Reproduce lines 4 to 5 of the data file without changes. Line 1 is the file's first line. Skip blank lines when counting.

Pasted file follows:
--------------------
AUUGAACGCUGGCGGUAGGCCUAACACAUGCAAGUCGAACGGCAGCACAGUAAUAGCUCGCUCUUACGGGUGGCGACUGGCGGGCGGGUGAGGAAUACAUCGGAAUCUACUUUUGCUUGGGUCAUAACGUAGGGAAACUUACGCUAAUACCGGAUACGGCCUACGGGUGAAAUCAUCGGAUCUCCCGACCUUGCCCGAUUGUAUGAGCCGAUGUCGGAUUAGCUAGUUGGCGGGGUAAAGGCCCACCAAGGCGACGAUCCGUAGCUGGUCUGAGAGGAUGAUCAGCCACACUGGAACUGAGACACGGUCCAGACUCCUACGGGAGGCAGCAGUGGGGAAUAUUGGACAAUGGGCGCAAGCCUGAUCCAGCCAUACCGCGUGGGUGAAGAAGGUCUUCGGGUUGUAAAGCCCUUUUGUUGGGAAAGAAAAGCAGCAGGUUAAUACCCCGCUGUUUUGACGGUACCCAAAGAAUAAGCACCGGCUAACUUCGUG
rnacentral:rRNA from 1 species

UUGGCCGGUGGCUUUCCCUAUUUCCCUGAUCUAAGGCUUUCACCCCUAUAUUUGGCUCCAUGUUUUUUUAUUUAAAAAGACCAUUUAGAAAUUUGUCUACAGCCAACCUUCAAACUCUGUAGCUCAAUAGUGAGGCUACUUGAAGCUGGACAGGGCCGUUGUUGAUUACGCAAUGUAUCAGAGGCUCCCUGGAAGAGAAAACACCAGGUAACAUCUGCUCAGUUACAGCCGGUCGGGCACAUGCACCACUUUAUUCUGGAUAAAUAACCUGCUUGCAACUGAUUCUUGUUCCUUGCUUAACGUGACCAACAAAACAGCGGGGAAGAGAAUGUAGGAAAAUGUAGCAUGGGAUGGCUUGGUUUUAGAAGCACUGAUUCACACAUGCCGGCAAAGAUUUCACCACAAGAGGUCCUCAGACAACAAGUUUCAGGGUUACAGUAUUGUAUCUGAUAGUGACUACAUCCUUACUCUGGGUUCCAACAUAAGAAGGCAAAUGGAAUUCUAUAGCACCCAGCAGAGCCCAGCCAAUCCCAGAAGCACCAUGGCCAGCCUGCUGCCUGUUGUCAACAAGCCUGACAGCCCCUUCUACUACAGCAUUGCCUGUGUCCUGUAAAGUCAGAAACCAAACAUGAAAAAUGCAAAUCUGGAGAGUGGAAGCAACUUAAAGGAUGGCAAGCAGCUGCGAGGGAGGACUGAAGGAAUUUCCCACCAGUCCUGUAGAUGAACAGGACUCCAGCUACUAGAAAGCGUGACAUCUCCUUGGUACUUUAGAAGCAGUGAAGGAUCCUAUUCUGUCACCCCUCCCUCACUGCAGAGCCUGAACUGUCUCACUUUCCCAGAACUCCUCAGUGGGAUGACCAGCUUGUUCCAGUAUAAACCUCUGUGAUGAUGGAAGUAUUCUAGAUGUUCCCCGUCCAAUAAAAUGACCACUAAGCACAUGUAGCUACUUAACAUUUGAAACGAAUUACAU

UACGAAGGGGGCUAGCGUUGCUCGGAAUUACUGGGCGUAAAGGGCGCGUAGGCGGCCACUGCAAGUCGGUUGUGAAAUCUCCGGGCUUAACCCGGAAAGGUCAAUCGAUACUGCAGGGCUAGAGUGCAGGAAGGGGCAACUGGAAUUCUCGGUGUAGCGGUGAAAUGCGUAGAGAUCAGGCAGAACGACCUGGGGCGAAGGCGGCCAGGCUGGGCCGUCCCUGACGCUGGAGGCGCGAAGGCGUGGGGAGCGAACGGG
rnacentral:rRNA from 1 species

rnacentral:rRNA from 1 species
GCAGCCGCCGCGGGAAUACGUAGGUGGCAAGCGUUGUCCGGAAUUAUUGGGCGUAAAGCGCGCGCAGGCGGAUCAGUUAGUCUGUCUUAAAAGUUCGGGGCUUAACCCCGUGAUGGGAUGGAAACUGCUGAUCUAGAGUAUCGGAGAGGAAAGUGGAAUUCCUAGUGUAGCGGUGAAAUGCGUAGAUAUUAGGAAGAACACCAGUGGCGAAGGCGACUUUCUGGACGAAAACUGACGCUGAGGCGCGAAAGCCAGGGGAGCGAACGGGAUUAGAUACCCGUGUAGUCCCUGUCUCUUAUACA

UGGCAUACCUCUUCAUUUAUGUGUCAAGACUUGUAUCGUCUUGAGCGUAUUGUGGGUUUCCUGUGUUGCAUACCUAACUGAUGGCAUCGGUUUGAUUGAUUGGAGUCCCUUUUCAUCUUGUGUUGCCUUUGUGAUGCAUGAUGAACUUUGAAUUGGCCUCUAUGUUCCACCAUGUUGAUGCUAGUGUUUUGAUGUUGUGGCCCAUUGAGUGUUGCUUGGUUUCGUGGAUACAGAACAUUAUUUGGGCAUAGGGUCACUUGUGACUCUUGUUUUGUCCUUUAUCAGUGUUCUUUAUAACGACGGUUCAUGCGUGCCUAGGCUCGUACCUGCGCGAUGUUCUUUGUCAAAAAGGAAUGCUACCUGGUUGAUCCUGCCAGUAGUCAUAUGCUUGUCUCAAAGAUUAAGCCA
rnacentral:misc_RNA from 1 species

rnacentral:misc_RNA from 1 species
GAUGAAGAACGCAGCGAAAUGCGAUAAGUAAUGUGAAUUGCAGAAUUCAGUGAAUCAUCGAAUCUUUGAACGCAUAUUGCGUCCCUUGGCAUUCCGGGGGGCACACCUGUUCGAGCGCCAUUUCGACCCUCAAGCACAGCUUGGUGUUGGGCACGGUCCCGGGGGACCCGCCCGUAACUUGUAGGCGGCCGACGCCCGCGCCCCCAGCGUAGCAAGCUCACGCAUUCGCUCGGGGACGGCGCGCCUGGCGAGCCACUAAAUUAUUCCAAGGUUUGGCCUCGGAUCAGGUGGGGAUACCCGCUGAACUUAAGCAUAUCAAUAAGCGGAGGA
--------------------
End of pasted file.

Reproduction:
UACGAAGGGGGCUAGCGUUGCUCGGAAUUACUGGGCGUAAAGGGCGCGUAGGCGGCCACUGCAAGUCGGUUGUGAAAUCUCCGGGCUUAACCCGGAAAGGUCAAUCGAUACUGCAGGGCUAGAGUGCAGGAAGGGGCAACUGGAAUUCUCGGUGUAGCGGUGAAAUGCGUAGAGAUCAGGCAGAACGACCUGGGGCGAAGGCGGCCAGGCUGGGCCGUCCCUGACGCUGGAGGCGCGAAGGCGUGGGGAGCGAACGGG
rnacentral:rRNA from 1 species